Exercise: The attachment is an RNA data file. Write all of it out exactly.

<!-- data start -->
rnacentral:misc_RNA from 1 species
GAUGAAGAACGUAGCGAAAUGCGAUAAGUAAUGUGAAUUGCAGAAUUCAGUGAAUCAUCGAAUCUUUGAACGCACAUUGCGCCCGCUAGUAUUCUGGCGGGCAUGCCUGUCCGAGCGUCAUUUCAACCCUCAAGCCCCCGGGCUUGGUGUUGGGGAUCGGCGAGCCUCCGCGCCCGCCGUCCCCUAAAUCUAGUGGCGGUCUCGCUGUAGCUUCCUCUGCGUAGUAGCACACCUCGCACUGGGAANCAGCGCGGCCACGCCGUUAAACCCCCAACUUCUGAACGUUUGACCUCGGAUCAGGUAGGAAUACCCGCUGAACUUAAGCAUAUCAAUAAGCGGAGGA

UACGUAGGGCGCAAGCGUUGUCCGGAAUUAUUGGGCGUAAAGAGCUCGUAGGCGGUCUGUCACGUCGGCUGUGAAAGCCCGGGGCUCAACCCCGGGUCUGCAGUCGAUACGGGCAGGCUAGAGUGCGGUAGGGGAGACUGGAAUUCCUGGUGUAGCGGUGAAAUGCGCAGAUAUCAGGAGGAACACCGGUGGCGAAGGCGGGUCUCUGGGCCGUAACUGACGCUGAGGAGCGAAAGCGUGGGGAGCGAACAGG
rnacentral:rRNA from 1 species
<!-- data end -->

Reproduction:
rnacentral:misc_RNA from 1 species
GAUGAAGAACGUAGCGAAAUGCGAUAAGUAAUGUGAAUUGCAGAAUUCAGUGAAUCAUCGAAUCUUUGAACGCACAUUGCGCCCGCUAGUAUUCUGGCGGGCAUGCCUGUCCGAGCGUCAUUUCAACCCUCAAGCCCCCGGGCUUGGUGUUGGGGAUCGGCGAGCCUCCGCGCCCGCCGUCCCCUAAAUCUAGUGGCGGUCUCGCUGUAGCUUCCUCUGCGUAGUAGCACACCUCGCACUGGGAANCAGCGCGGCCACGCCGUUAAACCCCCAACUUCUGAACGUUUGACCUCGGAUCAGGUAGGAAUACCCGCUGAACUUAAGCAUAUCAAUAAGCGGAGGA

UACGUAGGGCGCAAGCGUUGUCCGGAAUUAUUGGGCGUAAAGAGCUCGUAGGCGGUCUGUCACGUCGGCUGUGAAAGCCCGGGGCUCAACCCCGGGUCUGCAGUCGAUACGGGCAGGCUAGAGUGCGGUAGGGGAGACUGGAAUUCCUGGUGUAGCGGUGAAAUGCGCAGAUAUCAGGAGGAACACCGGUGGCGAAGGCGGGUCUCUGGGCCGUAACUGACGCUGAGGAGCGAAAGCGUGGGGAGCGAACAGG
rnacentral:rRNA from 1 species